Simeon, Archbishop of Thessalonica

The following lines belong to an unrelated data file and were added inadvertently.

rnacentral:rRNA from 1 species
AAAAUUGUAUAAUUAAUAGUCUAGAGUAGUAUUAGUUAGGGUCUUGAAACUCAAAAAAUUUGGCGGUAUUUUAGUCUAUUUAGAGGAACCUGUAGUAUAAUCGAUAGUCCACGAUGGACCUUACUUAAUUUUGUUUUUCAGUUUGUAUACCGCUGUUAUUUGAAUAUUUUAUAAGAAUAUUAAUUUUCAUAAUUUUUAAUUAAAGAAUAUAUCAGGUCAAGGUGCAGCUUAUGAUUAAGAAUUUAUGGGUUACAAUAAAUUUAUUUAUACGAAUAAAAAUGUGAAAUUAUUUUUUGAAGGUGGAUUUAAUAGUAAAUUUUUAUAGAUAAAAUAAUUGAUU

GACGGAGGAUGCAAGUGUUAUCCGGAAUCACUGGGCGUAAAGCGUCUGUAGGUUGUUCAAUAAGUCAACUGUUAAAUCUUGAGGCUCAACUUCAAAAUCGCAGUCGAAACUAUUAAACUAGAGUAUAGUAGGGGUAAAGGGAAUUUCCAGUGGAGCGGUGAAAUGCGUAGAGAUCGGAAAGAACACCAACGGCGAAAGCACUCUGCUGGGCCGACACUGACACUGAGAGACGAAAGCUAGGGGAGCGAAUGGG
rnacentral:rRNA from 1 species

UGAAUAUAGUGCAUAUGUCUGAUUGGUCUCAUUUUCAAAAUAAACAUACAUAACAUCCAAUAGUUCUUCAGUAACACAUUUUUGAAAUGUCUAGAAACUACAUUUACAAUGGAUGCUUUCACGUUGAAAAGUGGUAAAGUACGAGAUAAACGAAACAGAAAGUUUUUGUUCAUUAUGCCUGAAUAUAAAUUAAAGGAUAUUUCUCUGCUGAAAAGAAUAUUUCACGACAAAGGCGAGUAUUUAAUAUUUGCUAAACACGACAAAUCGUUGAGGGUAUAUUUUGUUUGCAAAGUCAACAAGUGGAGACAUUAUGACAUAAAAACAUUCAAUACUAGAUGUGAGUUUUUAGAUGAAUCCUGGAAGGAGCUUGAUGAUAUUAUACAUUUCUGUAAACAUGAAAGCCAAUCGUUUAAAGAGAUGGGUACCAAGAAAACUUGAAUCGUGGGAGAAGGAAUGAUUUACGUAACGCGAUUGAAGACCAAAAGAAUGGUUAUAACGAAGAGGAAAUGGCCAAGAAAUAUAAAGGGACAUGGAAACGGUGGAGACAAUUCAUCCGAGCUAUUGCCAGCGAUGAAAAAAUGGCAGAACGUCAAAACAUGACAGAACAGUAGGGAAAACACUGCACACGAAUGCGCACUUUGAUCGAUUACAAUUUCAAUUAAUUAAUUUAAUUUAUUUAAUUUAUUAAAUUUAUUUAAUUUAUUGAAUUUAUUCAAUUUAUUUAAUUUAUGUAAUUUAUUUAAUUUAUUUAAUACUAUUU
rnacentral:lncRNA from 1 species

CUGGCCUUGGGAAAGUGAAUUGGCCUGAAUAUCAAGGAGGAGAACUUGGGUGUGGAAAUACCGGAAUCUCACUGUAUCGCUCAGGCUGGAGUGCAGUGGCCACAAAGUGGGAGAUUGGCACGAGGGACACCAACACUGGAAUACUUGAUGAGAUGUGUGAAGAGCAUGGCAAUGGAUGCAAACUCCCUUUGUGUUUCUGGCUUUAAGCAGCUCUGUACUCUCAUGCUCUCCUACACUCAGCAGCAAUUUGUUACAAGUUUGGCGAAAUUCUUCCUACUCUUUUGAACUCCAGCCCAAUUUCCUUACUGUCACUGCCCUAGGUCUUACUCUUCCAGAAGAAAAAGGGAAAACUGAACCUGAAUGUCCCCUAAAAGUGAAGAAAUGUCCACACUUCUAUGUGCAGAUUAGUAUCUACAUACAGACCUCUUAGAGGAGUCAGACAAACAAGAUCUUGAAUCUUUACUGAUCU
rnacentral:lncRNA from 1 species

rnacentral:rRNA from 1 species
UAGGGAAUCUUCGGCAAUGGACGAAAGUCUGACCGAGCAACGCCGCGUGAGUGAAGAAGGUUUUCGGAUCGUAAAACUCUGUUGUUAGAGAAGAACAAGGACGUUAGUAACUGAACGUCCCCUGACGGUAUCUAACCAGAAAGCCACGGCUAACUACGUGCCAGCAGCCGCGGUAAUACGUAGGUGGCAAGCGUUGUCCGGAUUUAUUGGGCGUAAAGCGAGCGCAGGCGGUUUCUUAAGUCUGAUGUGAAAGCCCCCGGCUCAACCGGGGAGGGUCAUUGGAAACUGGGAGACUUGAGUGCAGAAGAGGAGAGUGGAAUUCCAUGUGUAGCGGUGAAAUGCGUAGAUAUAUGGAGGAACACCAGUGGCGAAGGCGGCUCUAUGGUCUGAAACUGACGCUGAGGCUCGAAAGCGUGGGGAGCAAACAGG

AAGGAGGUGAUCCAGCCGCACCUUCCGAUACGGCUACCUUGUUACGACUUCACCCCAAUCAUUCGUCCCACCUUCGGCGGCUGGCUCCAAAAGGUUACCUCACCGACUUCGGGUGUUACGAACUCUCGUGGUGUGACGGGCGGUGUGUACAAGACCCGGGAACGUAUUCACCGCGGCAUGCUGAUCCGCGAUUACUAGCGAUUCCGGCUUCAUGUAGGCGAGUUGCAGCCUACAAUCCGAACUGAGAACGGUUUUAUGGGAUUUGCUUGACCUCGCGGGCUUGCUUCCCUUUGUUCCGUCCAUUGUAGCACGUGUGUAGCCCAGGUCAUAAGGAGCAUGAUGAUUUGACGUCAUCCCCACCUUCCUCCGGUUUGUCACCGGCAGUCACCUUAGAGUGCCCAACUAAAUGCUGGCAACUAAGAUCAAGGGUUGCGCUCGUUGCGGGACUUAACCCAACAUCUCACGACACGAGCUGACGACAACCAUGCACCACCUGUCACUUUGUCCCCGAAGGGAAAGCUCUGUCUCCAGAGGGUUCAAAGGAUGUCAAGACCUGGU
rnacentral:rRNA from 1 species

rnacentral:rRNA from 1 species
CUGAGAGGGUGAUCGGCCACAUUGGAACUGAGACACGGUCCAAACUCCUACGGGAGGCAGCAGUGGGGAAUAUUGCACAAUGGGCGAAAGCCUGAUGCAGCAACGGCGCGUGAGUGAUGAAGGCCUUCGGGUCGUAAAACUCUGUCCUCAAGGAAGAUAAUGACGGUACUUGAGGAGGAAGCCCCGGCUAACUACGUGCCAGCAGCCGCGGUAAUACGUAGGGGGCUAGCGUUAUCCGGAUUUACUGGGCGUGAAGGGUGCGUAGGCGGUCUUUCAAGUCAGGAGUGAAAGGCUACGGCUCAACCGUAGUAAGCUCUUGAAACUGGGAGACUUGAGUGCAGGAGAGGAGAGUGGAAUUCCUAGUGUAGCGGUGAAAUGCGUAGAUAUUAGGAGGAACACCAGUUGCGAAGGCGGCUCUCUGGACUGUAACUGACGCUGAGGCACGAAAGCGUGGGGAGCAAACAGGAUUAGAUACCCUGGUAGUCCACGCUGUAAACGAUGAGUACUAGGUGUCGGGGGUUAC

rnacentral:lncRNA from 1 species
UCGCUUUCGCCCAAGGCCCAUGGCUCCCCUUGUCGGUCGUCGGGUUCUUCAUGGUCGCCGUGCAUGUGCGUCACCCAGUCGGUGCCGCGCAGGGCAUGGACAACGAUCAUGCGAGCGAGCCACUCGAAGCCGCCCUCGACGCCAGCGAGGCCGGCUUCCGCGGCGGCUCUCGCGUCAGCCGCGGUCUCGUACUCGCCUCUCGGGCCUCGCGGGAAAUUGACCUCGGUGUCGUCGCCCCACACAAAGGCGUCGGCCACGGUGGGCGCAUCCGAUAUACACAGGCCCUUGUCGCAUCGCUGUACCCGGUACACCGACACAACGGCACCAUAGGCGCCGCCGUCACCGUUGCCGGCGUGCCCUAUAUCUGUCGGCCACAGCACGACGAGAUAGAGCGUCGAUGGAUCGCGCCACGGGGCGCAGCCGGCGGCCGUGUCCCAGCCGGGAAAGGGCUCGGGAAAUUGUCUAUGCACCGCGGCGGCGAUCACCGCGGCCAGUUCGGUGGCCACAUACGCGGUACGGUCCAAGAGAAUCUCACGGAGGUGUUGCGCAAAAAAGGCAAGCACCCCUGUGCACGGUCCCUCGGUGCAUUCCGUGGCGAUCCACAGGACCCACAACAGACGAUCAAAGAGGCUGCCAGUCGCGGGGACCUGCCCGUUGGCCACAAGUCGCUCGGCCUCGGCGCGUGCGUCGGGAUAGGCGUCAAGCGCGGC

Simeon, Archbishop Of Thessalonica in the 14th and 15th centuries, and author of a number of works which are still extant, was a pronounced advocate of monasticism, a patriot, and a determined opponent of the Latin Church, against which he directed his most notable work, Κατὰ Αιρέσεων, etc. (Jassy, 1683, and abridged in R. Simon's Critique de la Biblioth. de M. Du-Pin, p. 403 sq.), and his De Divino Templo, etc. (see Leon Allatii De Sim. Scriptis Diatriba [Par. 1664], p. 185-192). Extracts are given in Jac. Goar, Euchologium Groecorum (Par. 1647), and by Morinus, Gessner, and Possevin (De Simeon. Scriptis, p. 193; comp. Bibl. Max. Patrum, 22, 768 sq.). A number of additional writings from his pen are mentioned in Allatius, among them several hymns. He conducted a valiant defense of Thessalonica against the Turks, and died in A.D. 1430, about six months before the surrender of the city to Amurath II. See Allatii De Eccles. Occident. atque Orient. Perpetua Consensione Libri Tres (Col. Agripp. 1648), lib. 2, c. 18; No. 13; p. 862 sq.; Gass, Mystik, d. Nikolaus Cabasilas vom Leben in Christo (Greifswald, 1849), p. 157 sq

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